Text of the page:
Twitter has today reduced the size of follower counts on user profiles within their apps and increased name and bio size. This follows a statement made last month by Twitter: “As we’ve been saying for a while, we are rethinking everything about the service to ensure we are incentivizing healthy conversation.” In that same statement they confirmed that they were planning on removing the like feature, which naturally amounted to a healthy level of backlash from the Twitter community.
Just last week Twitter CEO Jack Dorsey was quoted at a fireside chat in New Delhi as saying that the prominence of follower count on Twitter is “actually incentivizing you to increase that number. That may have been right 12 years ago, but I don’t think it is right today, I think what is more important is the number of meaningful conversations you’re having on the platform. How many times do you receive a reply?”
“One of the things we did was we had people follow each other — so you can be a follower of someone,” said Dorsey. “[We] made the font size a little bit bigger than everything else on the page. We did not really think much about it and moved on to the next problem to solve. What that has done is we put all the emphasis, not intending to, on that number of how many people follow me. So if that number is big and bold, what do people want to do with it? They want to make it go up.”
I don’t buy the “not intending to” bit. I think that when Dorsey, Williams and co initially built Twitter they were fully aware of what they were doing. I think they wanted the service to be a popularity contest because it meant more user engagement and faster growth, but I don’t believe they were aware of just how big of a negative effect this would have on society. I also think both maturation and retrospect are huge and that’s what we’ve seen in Twitter’s approach as of late.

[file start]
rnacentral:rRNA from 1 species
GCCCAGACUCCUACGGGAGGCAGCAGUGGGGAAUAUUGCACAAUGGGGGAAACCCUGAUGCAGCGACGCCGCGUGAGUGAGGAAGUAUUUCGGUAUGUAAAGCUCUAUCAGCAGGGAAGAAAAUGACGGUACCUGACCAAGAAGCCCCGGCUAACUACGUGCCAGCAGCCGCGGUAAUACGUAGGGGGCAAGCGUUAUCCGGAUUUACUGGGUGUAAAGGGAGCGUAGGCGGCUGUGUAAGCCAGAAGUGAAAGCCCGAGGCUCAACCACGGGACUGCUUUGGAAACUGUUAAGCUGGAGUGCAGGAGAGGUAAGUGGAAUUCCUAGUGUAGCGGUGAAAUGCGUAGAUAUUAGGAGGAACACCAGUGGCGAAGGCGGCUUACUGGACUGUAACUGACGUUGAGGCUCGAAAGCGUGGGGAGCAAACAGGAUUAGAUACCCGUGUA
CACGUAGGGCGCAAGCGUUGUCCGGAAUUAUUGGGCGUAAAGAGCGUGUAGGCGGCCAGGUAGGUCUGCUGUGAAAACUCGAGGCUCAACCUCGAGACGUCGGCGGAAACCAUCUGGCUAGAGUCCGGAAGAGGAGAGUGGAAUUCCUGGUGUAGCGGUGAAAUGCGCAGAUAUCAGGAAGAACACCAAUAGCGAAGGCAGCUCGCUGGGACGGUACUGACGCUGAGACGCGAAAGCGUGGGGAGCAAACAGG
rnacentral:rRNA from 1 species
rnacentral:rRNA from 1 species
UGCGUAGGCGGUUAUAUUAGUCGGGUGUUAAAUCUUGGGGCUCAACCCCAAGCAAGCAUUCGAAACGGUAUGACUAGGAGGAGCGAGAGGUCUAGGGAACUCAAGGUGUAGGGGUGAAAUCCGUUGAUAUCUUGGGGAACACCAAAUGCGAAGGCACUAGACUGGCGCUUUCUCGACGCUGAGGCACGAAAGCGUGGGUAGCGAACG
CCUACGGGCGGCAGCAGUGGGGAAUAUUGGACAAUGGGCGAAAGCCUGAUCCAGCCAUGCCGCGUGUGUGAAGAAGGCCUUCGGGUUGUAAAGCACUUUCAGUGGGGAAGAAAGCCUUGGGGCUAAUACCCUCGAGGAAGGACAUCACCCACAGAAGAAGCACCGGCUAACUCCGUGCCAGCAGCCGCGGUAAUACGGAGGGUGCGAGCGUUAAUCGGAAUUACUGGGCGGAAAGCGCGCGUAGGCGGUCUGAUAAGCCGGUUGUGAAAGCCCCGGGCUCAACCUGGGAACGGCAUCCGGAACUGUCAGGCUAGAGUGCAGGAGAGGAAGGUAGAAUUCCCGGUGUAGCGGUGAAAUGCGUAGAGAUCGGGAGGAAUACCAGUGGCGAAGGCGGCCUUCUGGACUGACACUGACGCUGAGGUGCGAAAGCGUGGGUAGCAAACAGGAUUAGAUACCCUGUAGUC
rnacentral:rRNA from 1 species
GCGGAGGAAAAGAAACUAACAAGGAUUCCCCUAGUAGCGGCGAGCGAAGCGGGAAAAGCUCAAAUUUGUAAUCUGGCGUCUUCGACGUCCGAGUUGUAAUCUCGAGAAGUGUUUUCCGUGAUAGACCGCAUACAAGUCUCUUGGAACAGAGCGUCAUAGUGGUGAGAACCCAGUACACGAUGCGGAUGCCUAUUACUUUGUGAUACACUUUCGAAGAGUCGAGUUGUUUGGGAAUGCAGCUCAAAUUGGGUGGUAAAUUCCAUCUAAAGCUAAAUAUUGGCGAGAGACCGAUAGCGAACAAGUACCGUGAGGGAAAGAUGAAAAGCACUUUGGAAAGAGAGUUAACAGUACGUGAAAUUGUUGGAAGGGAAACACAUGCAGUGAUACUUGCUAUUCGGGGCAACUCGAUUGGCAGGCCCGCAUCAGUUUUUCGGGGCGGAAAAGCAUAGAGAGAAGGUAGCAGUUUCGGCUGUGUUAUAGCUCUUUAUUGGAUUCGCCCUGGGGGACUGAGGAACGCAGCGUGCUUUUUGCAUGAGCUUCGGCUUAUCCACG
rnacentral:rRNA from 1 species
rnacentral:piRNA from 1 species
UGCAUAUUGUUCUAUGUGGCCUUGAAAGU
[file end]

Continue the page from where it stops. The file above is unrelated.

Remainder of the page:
Personally I don’t disagree with the approach that Twitter is taking. When you consider it from Twitter’s perspective they’re captaining a ship that has enormous power and it’s power that can be used for good and evil (I feel like I’m describing a movie plot right now). Twitter have a responsibility to make sure that their platform contributes to helping build society up and not tear it down.
Of course this is a careful balancing act because Twitter has a very large and loyal fan base that they don’t want to enrage, but there’s a larger question of ethics here. Ethics is something that’s not fully accounted for amongst todays tech giants. Consider Facebook employing people to make their services more addictive. Personally I don’t think that’s ethical use of power.
When you consider the youth of today, many impressionable kids dream of becoming “influencers”. They associate popularity with follower count and the number of likes they receive. But there’s a toxic side to this as many kids quit simply because they aren’t receiving the numbers they see the top 1% of social media users receiving. The funny thing is that if they didn’t focus so much on numbers and instead on perfecting their craft and consistency they might just be successful.
So in my opinion its Twitters responsibility to ensure that their platform doesn’t encourage an all out popularity contest. But I’d like to hear your opinion on the steps that Twitter is currently taking. Do you agree or disagree with my opinion and why?